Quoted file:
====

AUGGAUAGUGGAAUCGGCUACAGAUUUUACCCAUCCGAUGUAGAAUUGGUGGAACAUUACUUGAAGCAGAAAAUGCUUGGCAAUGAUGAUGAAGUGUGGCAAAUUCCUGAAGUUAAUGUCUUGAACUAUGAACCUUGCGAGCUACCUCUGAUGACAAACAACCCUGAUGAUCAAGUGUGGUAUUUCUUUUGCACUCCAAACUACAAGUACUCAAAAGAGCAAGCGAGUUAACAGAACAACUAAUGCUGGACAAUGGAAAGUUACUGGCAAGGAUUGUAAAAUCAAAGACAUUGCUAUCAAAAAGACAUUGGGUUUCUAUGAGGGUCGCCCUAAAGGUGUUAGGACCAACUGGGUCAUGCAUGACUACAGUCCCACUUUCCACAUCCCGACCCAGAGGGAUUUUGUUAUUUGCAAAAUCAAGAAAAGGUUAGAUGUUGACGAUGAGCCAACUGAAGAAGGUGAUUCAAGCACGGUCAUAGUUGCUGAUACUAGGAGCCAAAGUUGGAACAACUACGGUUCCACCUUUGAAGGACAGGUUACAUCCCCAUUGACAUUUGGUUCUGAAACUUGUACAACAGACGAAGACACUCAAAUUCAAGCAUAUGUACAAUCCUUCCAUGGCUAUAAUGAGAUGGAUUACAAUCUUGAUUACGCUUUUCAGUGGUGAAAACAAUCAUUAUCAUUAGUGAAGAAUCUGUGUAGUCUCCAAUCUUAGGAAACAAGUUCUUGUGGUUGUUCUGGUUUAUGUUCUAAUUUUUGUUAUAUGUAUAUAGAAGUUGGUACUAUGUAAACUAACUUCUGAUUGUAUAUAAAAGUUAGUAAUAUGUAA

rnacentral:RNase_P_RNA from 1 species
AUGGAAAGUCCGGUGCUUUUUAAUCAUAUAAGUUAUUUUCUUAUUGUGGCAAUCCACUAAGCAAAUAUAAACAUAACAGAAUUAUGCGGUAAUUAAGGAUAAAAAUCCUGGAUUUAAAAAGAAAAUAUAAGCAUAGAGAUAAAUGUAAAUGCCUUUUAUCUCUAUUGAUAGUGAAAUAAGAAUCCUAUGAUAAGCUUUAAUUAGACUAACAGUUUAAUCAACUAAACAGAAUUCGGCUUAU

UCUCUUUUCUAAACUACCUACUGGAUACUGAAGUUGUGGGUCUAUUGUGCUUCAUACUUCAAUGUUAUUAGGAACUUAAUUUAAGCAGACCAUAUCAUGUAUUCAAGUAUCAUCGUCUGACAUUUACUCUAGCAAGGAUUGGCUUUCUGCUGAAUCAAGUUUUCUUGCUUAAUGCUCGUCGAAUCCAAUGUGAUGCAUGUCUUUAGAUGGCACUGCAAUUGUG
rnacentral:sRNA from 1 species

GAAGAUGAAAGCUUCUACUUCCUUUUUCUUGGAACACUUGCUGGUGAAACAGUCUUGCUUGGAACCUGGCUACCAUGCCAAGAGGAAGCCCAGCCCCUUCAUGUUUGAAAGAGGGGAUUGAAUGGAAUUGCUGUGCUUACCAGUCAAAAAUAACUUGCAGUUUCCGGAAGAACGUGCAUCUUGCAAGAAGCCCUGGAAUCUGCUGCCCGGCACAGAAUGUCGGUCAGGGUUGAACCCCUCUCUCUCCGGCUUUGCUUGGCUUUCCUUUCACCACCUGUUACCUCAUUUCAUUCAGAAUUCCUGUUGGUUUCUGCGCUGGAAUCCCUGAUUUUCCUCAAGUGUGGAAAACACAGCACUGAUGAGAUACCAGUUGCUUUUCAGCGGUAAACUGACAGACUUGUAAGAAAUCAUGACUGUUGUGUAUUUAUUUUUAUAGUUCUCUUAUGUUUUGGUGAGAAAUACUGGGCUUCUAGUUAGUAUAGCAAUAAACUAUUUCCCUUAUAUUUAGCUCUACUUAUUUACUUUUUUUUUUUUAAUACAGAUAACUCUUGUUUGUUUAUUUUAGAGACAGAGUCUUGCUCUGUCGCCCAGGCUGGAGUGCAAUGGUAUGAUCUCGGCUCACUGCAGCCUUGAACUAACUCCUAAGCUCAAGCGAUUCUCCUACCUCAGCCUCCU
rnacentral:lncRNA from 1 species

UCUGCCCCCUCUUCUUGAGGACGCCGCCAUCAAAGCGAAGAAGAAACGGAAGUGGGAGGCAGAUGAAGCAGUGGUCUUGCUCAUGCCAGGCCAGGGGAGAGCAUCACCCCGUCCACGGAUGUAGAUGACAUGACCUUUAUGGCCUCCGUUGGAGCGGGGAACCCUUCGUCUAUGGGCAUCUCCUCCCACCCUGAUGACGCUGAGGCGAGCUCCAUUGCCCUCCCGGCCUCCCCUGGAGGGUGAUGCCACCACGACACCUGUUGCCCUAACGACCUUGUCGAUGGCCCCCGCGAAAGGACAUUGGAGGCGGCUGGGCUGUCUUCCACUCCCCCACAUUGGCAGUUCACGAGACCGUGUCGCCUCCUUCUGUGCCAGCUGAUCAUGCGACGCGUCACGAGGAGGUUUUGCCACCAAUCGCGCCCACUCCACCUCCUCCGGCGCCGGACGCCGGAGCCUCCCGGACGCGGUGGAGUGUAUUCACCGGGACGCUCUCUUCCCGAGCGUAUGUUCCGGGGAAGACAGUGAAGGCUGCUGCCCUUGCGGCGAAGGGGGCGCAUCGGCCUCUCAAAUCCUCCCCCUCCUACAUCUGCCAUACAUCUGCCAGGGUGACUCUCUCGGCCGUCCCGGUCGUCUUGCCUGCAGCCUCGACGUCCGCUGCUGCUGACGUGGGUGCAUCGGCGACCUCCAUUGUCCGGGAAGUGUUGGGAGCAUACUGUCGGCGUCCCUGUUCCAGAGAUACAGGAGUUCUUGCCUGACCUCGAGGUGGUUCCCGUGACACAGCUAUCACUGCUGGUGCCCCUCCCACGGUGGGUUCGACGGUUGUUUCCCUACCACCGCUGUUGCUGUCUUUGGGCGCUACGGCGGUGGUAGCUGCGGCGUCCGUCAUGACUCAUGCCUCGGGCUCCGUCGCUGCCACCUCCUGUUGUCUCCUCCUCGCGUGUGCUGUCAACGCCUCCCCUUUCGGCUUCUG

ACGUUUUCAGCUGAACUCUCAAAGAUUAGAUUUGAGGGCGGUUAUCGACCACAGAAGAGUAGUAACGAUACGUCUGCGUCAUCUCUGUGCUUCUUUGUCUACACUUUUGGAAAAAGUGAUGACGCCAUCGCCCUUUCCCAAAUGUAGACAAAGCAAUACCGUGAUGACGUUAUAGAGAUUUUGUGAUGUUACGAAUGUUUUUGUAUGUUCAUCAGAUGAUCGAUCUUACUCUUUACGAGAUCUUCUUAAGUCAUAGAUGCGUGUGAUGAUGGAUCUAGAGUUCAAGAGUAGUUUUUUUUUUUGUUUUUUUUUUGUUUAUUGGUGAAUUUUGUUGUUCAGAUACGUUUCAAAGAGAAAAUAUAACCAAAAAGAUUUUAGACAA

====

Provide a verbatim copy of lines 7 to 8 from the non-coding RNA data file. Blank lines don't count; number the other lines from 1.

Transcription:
rnacentral:lncRNA from 1 species

UCUGCCCCCUCUUCUUGAGGACGCCGCCAUCAAAGCGAAGAAGAAACGGAAGUGGGAGGCAGAUGAAGCAGUGGUCUUGCUCAUGCCAGGCCAGGGGAGAGCAUCACCCCGUCCACGGAUGUAGAUGACAUGACCUUUAUGGCCUCCGUUGGAGCGGGGAACCCUUCGUCUAUGGGCAUCUCCUCCCACCCUGAUGACGCUGAGGCGAGCUCCAUUGCCCUCCCGGCCUCCCCUGGAGGGUGAUGCCACCACGACACCUGUUGCCCUAACGACCUUGUCGAUGGCCCCCGCGAAAGGACAUUGGAGGCGGCUGGGCUGUCUUCCACUCCCCCACAUUGGCAGUUCACGAGACCGUGUCGCCUCCUUCUGUGCCAGCUGAUCAUGCGACGCGUCACGAGGAGGUUUUGCCACCAAUCGCGCCCACUCCACCUCCUCCGGCGCCGGACGCCGGAGCCUCCCGGACGCGGUGGAGUGUAUUCACCGGGACGCUCUCUUCCCGAGCGUAUGUUCCGGGGAAGACAGUGAAGGCUGCUGCCCUUGCGGCGAAGGGGGCGCAUCGGCCUCUCAAAUCCUCCCCCUCCUACAUCUGCCAUACAUCUGCCAGGGUGACUCUCUCGGCCGUCCCGGUCGUCUUGCCUGCAGCCUCGACGUCCGCUGCUGCUGACGUGGGUGCAUCGGCGACCUCCAUUGUCCGGGAAGUGUUGGGAGCAUACUGUCGGCGUCCCUGUUCCAGAGAUACAGGAGUUCUUGCCUGACCUCGAGGUGGUUCCCGUGACACAGCUAUCACUGCUGGUGCCCCUCCCACGGUGGGUUCGACGGUUGUUUCCCUACCACCGCUGUUGCUGUCUUUGGGCGCUACGGCGGUGGUAGCUGCGGCGUCCGUCAUGACUCAUGCCUCGGGCUCCGUCGCUGCCACCUCCUGUUGUCUCCUCCUCGCGUGUGCUGUCAACGCCUCCCCUUUCGGCUUCUG